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Monday, 14 December 2009

Does time have at least two dimensions?

This entry to my blog should be seen as thinking out loud (tol), work in progress or leaveit out lad (lol).

Police incidents, crime, police patrols and other police activities can be mapped because they happen at locations in space and geography. These locations are described by two co-ordinates - x and y, longitude and latitude, easting and northing, etc. Location therefore has two dimensions. If height is added there is a third dimension. Spatial statistics are based on analysis of distances between objects in real or conceptual space. Spatial auto-correlation is based on the observation that objects that are close to each other share similar conditions. This is true of weather, house prices, health to name three. Crime and police incidents are strongly spatially autocorrelated. I will explain why in later blogs.

Now time is traditionally seen to be linear and one dimensioned. There is also temporal auto-correlation based on the fact that events close in time share similar conditions. One of my colleagues in UCL Centre for Advanced Spatial Analysis (CASA), Fabian Nuehaus recently talked at a CASA seminar and reminded me that life is full of rhythms and cycles. That means that for instance Sunday morning is closer in conceptual time space for autocorrelation purposes to next Sunday morning than the next morning (Monday, as long as it is not a bank holiday). Equally 6pm in closer in rhythm space to the next 6pm than the next 6am. This means that time has at least two dimensions for analysis purposes. Can we map it and use spatial statistics to analyse it?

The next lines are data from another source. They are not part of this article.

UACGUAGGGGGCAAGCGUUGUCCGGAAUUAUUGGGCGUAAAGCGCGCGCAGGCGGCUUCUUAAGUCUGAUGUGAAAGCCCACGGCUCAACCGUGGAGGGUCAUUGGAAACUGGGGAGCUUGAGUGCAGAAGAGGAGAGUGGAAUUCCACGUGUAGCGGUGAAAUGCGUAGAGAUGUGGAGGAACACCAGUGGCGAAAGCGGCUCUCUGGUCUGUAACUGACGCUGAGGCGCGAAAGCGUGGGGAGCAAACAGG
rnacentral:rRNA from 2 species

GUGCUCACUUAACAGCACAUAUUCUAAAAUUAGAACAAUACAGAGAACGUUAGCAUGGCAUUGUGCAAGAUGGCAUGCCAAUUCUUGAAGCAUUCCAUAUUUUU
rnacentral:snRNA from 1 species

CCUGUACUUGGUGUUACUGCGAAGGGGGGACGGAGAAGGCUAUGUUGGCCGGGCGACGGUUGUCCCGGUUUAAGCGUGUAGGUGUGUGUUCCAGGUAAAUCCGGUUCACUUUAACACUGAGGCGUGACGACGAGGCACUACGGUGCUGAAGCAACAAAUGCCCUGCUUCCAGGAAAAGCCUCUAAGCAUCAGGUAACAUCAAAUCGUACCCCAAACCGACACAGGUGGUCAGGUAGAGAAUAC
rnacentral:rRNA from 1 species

1 comment:

  1. You should definitely check out:
    Couclelis, H and Liu, X (2000) The geography of time and ignorance. 4th international conference on integrating GIS and environmental modelling (GIS/EM4). Banff, Alberta, Canada, Sept 2-8. 2000.